• New Discovery Could Improve Organic Solar Cell Performance

    While there is a growing market for organic solar cells ­­– they contain materials that are cheaper, more abundant, and more environmentally friendly than those used in typical solar panels – they also tend to be less efficient in converting sunlight to electricity than conventional solar cells. Now, scientists who are members of the Center for Computational Study of Excited-State Phenomena in Read more
  • Know Your Rights

    Arizona law protects individual homeowners’ private property rights to solar access by dissolving any local covenant, restriction or condition attached to a property deed that restricts the use of solar energy. This law sustained a legal challenge in 2000. A Maricopa County Superior Court judge ruled in favor of homeowners in a lawsuit filed by their homeowners association seeking to Read more
  • Home Battery Systems

    Rooftop solar panels are common in Arizona thanks to abundant sunshine, but to get even more use from the technology, homeowners are beginning to pair them with large home batteries. Batteries allow homeowners to store their surplus electricity, rather than send it to the grid in exchange for credit from their electric company. Read more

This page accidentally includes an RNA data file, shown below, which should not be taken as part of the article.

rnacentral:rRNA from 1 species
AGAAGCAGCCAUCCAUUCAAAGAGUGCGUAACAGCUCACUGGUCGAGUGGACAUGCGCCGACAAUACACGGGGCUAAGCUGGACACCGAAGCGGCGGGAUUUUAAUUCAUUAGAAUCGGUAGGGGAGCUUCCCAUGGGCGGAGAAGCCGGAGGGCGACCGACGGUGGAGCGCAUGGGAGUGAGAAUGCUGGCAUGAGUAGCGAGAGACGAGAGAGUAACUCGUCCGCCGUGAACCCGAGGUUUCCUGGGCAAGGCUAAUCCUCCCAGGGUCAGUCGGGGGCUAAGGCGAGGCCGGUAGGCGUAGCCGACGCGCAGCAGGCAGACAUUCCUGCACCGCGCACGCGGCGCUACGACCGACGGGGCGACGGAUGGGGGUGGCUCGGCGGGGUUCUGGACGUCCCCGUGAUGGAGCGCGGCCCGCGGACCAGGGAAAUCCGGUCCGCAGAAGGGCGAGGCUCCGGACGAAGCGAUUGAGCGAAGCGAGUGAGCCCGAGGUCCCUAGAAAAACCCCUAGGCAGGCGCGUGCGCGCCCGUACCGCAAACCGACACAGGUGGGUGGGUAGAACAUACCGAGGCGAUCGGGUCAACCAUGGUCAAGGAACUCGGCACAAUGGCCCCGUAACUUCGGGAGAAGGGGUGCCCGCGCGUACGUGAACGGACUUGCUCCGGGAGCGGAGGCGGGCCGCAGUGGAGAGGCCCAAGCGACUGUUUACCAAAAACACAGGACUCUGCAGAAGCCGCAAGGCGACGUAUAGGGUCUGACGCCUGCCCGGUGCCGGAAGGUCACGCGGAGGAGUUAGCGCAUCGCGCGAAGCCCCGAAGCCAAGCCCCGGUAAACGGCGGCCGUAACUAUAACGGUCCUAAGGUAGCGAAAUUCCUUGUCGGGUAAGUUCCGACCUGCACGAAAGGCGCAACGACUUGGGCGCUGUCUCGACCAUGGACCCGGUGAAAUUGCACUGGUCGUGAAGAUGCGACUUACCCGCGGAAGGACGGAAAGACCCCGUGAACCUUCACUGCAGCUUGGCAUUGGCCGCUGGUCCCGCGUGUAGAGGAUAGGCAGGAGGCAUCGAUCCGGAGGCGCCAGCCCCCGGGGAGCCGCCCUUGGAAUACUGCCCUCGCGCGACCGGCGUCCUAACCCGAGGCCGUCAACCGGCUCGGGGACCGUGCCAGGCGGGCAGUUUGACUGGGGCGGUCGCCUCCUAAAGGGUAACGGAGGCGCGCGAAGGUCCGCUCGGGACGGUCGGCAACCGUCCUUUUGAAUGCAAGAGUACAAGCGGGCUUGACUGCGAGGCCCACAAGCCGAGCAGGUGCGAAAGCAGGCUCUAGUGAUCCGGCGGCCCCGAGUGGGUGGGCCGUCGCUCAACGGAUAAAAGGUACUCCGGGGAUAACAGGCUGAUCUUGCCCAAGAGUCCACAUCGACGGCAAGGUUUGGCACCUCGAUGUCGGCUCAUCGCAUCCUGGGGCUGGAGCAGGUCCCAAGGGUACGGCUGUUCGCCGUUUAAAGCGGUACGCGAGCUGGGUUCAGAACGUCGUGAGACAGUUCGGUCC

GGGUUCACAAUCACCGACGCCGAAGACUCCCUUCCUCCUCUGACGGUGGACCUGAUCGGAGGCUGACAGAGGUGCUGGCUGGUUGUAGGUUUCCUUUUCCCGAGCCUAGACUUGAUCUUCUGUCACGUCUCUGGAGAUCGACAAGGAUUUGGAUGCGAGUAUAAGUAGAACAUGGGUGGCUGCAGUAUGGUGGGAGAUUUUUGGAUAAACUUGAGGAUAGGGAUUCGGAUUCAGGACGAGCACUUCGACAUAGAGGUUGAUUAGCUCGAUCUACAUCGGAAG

• Solar Hot Water

    There are two types of solar water heating systems: active, which have circulating pumps and controls, and passive, which don't. The typical solar water heater is comprised of solar collectors and a well-insulated storage tank. The solar collector is a network of pipes that gathers the sun's energy, transforms its radiation into heat, and then transfers that heat to either Read more